May 18, 2023

Additively manufacturing soft robots could reduce waste, increase performance

Posted by in categories: robotics/AI, wearables

Soft robotics have several key advantages over rigid counterparts, including their inherent safety features—soft materials with motions powered by inflating and deflating air chambers can safely be used in fragile environments or in proximity with humans—as well as their flexibility that enables them to fit into tight spaces. Textiles have become a choice material for constructing many types of soft robots, especially wearables, but the traditional “cut and sew” methods of manufacturing have left much to be desired.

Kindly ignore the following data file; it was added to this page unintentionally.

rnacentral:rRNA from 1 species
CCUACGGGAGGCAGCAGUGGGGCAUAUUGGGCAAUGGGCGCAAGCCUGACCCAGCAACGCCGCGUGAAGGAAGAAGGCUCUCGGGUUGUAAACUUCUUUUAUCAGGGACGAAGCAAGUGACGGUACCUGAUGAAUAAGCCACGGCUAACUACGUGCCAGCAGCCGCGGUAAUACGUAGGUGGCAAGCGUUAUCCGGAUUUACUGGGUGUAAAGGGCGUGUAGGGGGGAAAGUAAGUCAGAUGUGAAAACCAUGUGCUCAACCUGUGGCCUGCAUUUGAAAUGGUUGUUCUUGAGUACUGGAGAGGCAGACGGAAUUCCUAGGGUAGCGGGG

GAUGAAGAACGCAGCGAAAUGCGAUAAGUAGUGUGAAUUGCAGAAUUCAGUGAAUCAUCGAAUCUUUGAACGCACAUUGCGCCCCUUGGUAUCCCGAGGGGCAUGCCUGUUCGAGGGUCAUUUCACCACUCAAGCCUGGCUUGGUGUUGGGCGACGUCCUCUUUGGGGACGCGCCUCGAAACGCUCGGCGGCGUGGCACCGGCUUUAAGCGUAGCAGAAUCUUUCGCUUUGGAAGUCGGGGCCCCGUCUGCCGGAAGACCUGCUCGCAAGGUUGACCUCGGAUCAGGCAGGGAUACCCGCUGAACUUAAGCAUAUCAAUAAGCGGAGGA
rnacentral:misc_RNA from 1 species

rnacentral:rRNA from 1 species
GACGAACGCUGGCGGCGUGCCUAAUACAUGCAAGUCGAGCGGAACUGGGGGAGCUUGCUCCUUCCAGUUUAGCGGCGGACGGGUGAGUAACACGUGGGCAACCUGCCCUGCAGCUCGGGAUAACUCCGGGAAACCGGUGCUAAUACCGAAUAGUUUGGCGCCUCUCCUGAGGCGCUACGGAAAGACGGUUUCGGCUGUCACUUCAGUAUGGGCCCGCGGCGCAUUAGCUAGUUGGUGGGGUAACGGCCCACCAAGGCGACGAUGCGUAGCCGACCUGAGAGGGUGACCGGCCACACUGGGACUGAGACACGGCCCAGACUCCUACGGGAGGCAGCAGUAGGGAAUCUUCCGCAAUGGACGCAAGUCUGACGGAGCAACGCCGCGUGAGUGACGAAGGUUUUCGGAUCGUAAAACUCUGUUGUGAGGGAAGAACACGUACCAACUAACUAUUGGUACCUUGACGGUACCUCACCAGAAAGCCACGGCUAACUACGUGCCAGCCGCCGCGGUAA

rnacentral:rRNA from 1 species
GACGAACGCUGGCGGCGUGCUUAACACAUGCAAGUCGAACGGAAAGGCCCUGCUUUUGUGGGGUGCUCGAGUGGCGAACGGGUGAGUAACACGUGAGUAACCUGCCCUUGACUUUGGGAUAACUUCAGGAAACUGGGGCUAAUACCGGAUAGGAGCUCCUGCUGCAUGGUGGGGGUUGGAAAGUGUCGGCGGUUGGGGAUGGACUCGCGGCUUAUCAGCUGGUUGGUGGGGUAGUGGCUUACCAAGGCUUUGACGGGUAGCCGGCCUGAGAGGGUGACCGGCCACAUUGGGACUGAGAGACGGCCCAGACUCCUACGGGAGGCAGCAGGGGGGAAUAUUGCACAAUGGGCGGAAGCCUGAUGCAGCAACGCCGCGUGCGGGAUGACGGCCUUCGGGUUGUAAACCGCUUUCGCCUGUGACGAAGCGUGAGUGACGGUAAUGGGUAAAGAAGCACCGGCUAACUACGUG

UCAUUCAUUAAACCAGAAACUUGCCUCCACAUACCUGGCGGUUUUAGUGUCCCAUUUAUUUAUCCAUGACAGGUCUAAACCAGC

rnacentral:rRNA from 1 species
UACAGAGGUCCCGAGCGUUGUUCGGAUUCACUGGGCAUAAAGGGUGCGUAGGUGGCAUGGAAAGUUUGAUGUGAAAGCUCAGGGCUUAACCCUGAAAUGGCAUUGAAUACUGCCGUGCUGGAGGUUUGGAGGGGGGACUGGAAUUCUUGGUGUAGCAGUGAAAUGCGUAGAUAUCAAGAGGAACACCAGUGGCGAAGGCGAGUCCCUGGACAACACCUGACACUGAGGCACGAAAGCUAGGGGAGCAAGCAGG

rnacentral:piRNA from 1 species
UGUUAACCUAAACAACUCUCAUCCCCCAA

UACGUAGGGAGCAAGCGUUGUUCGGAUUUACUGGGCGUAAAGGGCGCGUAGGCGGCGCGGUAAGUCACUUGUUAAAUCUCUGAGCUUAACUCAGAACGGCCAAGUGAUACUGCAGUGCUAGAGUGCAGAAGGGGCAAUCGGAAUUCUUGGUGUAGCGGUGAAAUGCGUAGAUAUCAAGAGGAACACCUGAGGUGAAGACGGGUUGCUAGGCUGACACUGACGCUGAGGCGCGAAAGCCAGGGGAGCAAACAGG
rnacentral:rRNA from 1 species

Now, researchers at the Harvard John A. Paulson School of Engineering and Applied Sciences (SEAS) have established a new approach for additively manufacturing , using a 3D knitting method that can holistically “print” entire soft robots. Their work is reported in Advanced Functional Materials.

“The soft robotics community is still in the phase of seeking alternative materials approaches that will enable us to go beyond more classical rigid robot shapes and functions,” says Robert Wood, senior corresponding author on the paper, who is the Harry Lewis and Marlyn McGrath Professor of Engineering and Applied Sciences at SEAS.

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